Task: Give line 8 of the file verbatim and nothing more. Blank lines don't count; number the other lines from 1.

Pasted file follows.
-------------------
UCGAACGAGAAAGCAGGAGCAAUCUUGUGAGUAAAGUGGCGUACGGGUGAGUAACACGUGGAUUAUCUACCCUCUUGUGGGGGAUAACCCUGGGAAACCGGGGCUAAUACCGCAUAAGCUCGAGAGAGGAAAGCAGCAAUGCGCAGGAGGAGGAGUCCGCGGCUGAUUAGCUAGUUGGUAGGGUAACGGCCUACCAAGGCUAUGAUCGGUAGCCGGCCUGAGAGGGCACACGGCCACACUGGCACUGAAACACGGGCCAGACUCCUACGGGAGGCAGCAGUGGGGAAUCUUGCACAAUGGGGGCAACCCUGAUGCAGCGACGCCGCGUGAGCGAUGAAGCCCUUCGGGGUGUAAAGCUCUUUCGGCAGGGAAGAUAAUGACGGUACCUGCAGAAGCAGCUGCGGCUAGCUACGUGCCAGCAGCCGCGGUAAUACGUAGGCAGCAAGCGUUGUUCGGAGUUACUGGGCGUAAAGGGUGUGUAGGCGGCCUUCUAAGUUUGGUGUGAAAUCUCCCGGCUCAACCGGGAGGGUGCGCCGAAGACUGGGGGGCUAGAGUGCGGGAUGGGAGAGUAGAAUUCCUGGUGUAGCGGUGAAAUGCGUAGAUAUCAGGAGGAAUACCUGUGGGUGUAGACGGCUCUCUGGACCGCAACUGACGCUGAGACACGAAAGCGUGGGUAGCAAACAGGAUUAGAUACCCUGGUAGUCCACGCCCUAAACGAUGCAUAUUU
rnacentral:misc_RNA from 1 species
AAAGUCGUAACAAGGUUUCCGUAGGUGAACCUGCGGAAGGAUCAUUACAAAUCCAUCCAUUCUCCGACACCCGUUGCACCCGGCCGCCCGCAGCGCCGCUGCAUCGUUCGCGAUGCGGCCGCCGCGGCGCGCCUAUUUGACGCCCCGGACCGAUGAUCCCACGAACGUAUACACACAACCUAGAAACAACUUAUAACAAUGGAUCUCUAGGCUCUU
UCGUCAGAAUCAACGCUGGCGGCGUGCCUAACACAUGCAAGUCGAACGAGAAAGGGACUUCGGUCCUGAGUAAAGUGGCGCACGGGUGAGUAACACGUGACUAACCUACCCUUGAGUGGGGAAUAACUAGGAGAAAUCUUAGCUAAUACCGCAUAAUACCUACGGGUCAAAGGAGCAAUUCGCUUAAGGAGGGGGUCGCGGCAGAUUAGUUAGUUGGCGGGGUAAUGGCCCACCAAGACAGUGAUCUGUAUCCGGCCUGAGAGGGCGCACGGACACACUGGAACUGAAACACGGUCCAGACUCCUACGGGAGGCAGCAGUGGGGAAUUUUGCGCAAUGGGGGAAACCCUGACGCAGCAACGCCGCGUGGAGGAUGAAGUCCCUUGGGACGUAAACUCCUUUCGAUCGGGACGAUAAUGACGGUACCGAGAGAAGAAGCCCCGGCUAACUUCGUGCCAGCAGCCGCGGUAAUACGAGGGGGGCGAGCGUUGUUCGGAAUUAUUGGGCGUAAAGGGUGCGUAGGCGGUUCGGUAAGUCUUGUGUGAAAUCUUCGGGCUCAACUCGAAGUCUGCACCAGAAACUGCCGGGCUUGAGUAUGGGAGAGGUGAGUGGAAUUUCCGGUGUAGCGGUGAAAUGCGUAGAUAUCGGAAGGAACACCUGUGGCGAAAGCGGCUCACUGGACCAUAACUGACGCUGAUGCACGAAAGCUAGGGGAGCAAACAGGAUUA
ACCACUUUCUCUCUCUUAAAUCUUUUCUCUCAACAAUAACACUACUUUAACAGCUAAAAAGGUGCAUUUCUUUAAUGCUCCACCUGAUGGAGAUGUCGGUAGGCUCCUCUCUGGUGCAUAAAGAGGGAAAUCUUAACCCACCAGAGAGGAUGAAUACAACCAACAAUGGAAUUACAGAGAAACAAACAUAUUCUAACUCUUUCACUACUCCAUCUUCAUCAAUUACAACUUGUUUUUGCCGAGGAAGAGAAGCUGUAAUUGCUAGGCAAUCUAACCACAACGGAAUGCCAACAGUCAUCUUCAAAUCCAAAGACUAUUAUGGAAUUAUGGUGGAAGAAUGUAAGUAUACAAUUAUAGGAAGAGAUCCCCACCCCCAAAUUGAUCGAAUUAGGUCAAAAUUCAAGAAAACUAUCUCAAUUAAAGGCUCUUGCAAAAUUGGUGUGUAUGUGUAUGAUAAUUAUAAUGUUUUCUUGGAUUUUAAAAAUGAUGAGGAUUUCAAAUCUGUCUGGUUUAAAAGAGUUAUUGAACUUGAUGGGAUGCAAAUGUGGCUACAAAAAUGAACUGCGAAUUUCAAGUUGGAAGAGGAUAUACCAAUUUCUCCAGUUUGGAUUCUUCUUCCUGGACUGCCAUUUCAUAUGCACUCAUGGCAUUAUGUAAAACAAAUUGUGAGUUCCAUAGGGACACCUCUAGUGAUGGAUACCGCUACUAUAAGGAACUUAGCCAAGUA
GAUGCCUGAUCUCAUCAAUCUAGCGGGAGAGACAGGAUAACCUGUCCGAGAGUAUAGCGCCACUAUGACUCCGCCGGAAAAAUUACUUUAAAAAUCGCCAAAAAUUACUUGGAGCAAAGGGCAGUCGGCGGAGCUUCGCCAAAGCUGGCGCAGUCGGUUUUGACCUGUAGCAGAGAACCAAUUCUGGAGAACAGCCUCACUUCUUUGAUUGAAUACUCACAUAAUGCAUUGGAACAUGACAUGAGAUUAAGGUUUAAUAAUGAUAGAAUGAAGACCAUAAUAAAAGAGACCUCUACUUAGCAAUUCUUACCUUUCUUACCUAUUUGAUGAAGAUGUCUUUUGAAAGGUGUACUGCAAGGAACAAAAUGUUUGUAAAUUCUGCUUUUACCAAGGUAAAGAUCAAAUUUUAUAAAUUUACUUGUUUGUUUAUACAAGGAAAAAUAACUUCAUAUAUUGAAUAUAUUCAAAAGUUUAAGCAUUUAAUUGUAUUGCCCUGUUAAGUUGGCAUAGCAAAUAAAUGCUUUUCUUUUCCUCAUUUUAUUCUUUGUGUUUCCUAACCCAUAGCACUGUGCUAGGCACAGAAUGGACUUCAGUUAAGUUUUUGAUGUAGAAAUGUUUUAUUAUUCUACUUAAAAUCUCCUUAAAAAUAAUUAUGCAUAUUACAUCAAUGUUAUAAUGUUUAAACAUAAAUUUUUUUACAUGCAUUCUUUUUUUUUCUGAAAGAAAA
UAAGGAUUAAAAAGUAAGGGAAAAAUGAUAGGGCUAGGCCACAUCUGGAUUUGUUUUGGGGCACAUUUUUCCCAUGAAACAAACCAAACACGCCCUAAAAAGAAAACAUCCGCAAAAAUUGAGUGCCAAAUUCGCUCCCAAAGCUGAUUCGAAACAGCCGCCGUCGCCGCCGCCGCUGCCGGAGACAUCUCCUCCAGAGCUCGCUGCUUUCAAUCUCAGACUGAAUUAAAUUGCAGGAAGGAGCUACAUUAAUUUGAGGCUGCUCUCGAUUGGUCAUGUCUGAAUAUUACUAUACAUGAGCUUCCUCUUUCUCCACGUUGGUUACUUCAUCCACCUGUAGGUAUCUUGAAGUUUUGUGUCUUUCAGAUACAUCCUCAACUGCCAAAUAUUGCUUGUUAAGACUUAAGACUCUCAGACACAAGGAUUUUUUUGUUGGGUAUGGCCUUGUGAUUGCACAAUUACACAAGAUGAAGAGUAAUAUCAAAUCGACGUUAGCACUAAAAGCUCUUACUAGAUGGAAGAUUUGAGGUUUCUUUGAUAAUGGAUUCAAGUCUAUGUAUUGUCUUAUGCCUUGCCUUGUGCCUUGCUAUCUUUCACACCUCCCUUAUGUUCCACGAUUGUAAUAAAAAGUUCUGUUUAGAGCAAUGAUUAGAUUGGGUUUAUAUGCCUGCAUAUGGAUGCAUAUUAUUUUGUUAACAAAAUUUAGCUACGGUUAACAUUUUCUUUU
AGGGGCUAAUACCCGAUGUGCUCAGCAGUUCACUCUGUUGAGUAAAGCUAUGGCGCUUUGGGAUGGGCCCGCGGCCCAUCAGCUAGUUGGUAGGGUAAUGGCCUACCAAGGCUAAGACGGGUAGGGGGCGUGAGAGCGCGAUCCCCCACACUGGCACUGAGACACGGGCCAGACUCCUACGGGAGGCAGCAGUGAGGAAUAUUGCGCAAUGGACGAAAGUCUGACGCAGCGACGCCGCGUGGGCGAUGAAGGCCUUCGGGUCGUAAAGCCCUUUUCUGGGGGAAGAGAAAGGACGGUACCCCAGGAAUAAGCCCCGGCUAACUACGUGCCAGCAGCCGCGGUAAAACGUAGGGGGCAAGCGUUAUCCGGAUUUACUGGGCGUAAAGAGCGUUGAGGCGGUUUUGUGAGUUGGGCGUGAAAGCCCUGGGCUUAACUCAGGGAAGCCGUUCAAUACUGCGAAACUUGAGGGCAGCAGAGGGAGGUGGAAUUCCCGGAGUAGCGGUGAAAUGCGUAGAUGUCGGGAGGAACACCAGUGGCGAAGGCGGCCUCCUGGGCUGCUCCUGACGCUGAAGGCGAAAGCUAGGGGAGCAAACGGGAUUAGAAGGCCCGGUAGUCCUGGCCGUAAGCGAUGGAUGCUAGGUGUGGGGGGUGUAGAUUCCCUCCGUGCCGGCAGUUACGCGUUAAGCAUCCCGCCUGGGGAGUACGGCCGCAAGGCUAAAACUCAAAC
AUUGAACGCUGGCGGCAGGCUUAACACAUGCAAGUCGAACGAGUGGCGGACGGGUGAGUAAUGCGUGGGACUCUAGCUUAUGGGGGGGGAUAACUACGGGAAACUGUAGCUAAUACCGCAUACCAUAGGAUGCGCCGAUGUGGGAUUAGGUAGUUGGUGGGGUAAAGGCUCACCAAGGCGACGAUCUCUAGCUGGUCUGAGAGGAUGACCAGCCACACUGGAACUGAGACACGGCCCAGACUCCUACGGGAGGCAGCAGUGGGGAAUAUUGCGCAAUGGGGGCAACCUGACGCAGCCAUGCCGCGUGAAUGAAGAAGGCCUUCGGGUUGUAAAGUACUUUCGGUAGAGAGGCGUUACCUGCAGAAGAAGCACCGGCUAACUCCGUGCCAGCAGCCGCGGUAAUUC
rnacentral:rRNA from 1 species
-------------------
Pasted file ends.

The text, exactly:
AGGGGCUAAUACCCGAUGUGCUCAGCAGUUCACUCUGUUGAGUAAAGCUAUGGCGCUUUGGGAUGGGCCCGCGGCCCAUCAGCUAGUUGGUAGGGUAAUGGCCUACCAAGGCUAAGACGGGUAGGGGGCGUGAGAGCGCGAUCCCCCACACUGGCACUGAGACACGGGCCAGACUCCUACGGGAGGCAGCAGUGAGGAAUAUUGCGCAAUGGACGAAAGUCUGACGCAGCGACGCCGCGUGGGCGAUGAAGGCCUUCGGGUCGUAAAGCCCUUUUCUGGGGGAAGAGAAAGGACGGUACCCCAGGAAUAAGCCCCGGCUAACUACGUGCCAGCAGCCGCGGUAAAACGUAGGGGGCAAGCGUUAUCCGGAUUUACUGGGCGUAAAGAGCGUUGAGGCGGUUUUGUGAGUUGGGCGUGAAAGCCCUGGGCUUAACUCAGGGAAGCCGUUCAAUACUGCGAAACUUGAGGGCAGCAGAGGGAGGUGGAAUUCCCGGAGUAGCGGUGAAAUGCGUAGAUGUCGGGAGGAACACCAGUGGCGAAGGCGGCCUCCUGGGCUGCUCCUGACGCUGAAGGCGAAAGCUAGGGGAGCAAACGGGAUUAGAAGGCCCGGUAGUCCUGGCCGUAAGCGAUGGAUGCUAGGUGUGGGGGGUGUAGAUUCCCUCCGUGCCGGCAGUUACGCGUUAAGCAUCCCGCCUGGGGAGUACGGCCGCAAGGCUAAAACUCAAAC